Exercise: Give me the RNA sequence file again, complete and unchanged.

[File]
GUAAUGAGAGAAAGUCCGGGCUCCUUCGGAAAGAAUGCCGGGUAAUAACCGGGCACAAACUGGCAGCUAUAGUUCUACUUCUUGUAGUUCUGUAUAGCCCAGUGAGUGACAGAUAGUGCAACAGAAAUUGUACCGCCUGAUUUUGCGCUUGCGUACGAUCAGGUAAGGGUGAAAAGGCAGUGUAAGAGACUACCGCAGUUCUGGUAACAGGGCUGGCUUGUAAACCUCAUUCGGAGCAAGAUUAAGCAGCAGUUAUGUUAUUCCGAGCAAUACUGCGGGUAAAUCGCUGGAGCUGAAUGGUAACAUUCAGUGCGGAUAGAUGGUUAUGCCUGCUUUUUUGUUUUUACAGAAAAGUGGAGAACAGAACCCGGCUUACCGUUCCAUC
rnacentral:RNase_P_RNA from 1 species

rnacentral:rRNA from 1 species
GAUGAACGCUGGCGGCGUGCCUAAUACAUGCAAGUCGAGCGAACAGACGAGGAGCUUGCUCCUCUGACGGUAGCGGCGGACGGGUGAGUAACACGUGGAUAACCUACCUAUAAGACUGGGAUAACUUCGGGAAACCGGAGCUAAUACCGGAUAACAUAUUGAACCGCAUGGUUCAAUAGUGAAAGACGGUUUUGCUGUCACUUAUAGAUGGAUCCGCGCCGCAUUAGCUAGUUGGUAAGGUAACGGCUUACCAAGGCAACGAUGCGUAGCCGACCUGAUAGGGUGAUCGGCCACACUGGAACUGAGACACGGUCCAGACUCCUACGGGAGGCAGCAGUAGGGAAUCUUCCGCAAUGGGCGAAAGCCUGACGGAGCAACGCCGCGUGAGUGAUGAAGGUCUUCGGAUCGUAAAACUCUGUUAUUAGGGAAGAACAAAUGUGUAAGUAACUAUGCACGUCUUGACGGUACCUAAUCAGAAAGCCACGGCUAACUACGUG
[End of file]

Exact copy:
GUAAUGAGAGAAAGUCCGGGCUCCUUCGGAAAGAAUGCCGGGUAAUAACCGGGCACAAACUGGCAGCUAUAGUUCUACUUCUUGUAGUUCUGUAUAGCCCAGUGAGUGACAGAUAGUGCAACAGAAAUUGUACCGCCUGAUUUUGCGCUUGCGUACGAUCAGGUAAGGGUGAAAAGGCAGUGUAAGAGACUACCGCAGUUCUGGUAACAGGGCUGGCUUGUAAACCUCAUUCGGAGCAAGAUUAAGCAGCAGUUAUGUUAUUCCGAGCAAUACUGCGGGUAAAUCGCUGGAGCUGAAUGGUAACAUUCAGUGCGGAUAGAUGGUUAUGCCUGCUUUUUUGUUUUUACAGAAAAGUGGAGAACAGAACCCGGCUUACCGUUCCAUC
rnacentral:RNase_P_RNA from 1 species

rnacentral:rRNA from 1 species
GAUGAACGCUGGCGGCGUGCCUAAUACAUGCAAGUCGAGCGAACAGACGAGGAGCUUGCUCCUCUGACGGUAGCGGCGGACGGGUGAGUAACACGUGGAUAACCUACCUAUAAGACUGGGAUAACUUCGGGAAACCGGAGCUAAUACCGGAUAACAUAUUGAACCGCAUGGUUCAAUAGUGAAAGACGGUUUUGCUGUCACUUAUAGAUGGAUCCGCGCCGCAUUAGCUAGUUGGUAAGGUAACGGCUUACCAAGGCAACGAUGCGUAGCCGACCUGAUAGGGUGAUCGGCCACACUGGAACUGAGACACGGUCCAGACUCCUACGGGAGGCAGCAGUAGGGAAUCUUCCGCAAUGGGCGAAAGCCUGACGGAGCAACGCCGCGUGAGUGAUGAAGGUCUUCGGAUCGUAAAACUCUGUUAUUAGGGAAGAACAAAUGUGUAAGUAACUAUGCACGUCUUGACGGUACCUAAUCAGAAAGCCACGGCUAACUACGUG